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Perth Institute of Contemporary Arts showcase the best of Australian and international visual, performance and interdisciplinary art. Experience Amalia Pica’s ‘Please Open Hurry’, and Khaled Sabsabi’s ‘A Self Portrait’ in the final days of their exhibition period as part of the Communication Series at PICA.

Amalia Pica’s ‘Please Open Hurry’ investigates how we communicate beyond the barriers of language through her exploration into the communication between two different species, humans and apes. Influenced by her upbringing during Argentina’s dictatorship, Pica uncovers the relationships between form and politics, and history and representation, through sculpture, photography, installation, performance and video.

Pica’s second chapter of ‘Please Open Hurry’ is a continuation of the artists longstanding consideration of language, comprehension, misunderstanding, translation, and listening. This project was initially inspired through Pica’s experience in 2014, observing the lives and single tool use of chimpanzees in Nigeria, at the Gashaka Primate Project artistic residency. From there, Pica took the opportunity to explore further, focusing on the communication with and between the Great Apes through a residency at the Boulder Museum of Contemporary Art, Colorado, where she had the opportunity to connect with leading specialists.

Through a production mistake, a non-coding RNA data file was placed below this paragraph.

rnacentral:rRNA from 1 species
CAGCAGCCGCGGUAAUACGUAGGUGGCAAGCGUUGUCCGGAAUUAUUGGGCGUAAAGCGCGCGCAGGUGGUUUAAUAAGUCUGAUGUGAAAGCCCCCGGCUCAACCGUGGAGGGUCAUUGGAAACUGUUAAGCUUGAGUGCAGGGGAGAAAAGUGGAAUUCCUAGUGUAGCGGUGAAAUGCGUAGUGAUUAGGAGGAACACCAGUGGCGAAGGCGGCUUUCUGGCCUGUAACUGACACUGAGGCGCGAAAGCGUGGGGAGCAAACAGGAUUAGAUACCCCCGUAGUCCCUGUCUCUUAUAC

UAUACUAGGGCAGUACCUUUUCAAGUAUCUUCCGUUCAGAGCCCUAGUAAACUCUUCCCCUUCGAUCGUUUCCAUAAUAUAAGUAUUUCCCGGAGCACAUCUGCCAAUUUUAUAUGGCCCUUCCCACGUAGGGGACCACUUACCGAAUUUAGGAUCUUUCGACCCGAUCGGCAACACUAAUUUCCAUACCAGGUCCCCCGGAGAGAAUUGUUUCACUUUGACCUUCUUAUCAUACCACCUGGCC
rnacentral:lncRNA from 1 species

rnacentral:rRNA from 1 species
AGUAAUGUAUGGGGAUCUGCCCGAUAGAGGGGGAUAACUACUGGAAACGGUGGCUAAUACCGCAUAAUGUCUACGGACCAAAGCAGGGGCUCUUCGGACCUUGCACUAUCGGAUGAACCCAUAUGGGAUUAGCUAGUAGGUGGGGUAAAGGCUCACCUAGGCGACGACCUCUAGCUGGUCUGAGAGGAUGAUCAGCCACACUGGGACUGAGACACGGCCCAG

Exhibition open till Oct 7, upstairs in the Westend Gallery.

Khaled Sabsabi draws the viewer in through his geometric yet poetic explorations into the complexities of place, identity, displacement, and ideological differences associated with migrant experiences and marginalisation. ‘A Self Portrait’ works across mediums, borders, cultures and disciplines in an attempt to promote cultural awareness and acceptance. The installation features 114 hand-cut stencils that represent the seven layers that comprise the “selves”.

Sabsabi was born in 1965, Tripoli, Lebanon, and in 1978, following the outbreak of civil war in Lebanon, him and his family migrated to Australia. Since the late 1980s, Sabsabi has worked with communities on projects promoting cultural awareness and acceptance. In turn, Sabsabi’s first-hand war and immigrant experiences, along with his community work, has influenced the creation of works that capture his explorations of place, identity, displacement and marginalization.

Exhibition open till the Oct 7, in the PICA Central Galleries.

Both exhibitions close Oct 7, so be sure to visit PICA and witness the amazing works of Amalia Pica and Khaled Sabsabi as part of the Communication Series.

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Image credits: All images – Alessandro Bianchetti

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